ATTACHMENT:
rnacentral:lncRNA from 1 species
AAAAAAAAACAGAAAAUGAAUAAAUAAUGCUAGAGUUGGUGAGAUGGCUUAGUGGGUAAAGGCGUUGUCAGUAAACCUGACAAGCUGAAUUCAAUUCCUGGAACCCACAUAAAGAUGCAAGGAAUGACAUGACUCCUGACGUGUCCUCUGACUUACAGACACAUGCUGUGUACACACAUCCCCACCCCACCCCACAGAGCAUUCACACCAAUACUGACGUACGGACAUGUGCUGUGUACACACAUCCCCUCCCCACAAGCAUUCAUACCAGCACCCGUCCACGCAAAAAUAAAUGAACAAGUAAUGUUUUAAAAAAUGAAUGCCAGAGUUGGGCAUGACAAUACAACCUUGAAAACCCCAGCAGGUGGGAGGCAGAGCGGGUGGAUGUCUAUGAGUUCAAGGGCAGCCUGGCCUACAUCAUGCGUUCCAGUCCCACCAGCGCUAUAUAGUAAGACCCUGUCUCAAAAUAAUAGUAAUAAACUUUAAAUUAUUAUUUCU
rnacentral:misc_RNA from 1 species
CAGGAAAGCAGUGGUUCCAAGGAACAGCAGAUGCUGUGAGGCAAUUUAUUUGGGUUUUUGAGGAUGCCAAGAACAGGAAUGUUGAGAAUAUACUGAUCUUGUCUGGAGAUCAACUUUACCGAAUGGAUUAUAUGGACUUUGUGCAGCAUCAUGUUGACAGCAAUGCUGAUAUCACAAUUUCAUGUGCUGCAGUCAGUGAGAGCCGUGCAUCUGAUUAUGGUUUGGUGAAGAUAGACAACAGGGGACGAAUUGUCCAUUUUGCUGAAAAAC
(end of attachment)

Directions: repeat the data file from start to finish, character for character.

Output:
rnacentral:lncRNA from 1 species
AAAAAAAAACAGAAAAUGAAUAAAUAAUGCUAGAGUUGGUGAGAUGGCUUAGUGGGUAAAGGCGUUGUCAGUAAACCUGACAAGCUGAAUUCAAUUCCUGGAACCCACAUAAAGAUGCAAGGAAUGACAUGACUCCUGACGUGUCCUCUGACUUACAGACACAUGCUGUGUACACACAUCCCCACCCCACCCCACAGAGCAUUCACACCAAUACUGACGUACGGACAUGUGCUGUGUACACACAUCCCCUCCCCACAAGCAUUCAUACCAGCACCCGUCCACGCAAAAAUAAAUGAACAAGUAAUGUUUUAAAAAAUGAAUGCCAGAGUUGGGCAUGACAAUACAACCUUGAAAACCCCAGCAGGUGGGAGGCAGAGCGGGUGGAUGUCUAUGAGUUCAAGGGCAGCCUGGCCUACAUCAUGCGUUCCAGUCCCACCAGCGCUAUAUAGUAAGACCCUGUCUCAAAAUAAUAGUAAUAAACUUUAAAUUAUUAUUUCU
rnacentral:misc_RNA from 1 species
CAGGAAAGCAGUGGUUCCAAGGAACAGCAGAUGCUGUGAGGCAAUUUAUUUGGGUUUUUGAGGAUGCCAAGAACAGGAAUGUUGAGAAUAUACUGAUCUUGUCUGGAGAUCAACUUUACCGAAUGGAUUAUAUGGACUUUGUGCAGCAUCAUGUUGACAGCAAUGCUGAUAUCACAAUUUCAUGUGCUGCAGUCAGUGAGAGCCGUGCAUCUGAUUAUGGUUUGGUGAAGAUAGACAACAGGGGACGAAUUGUCCAUUUUGCUGAAAAAC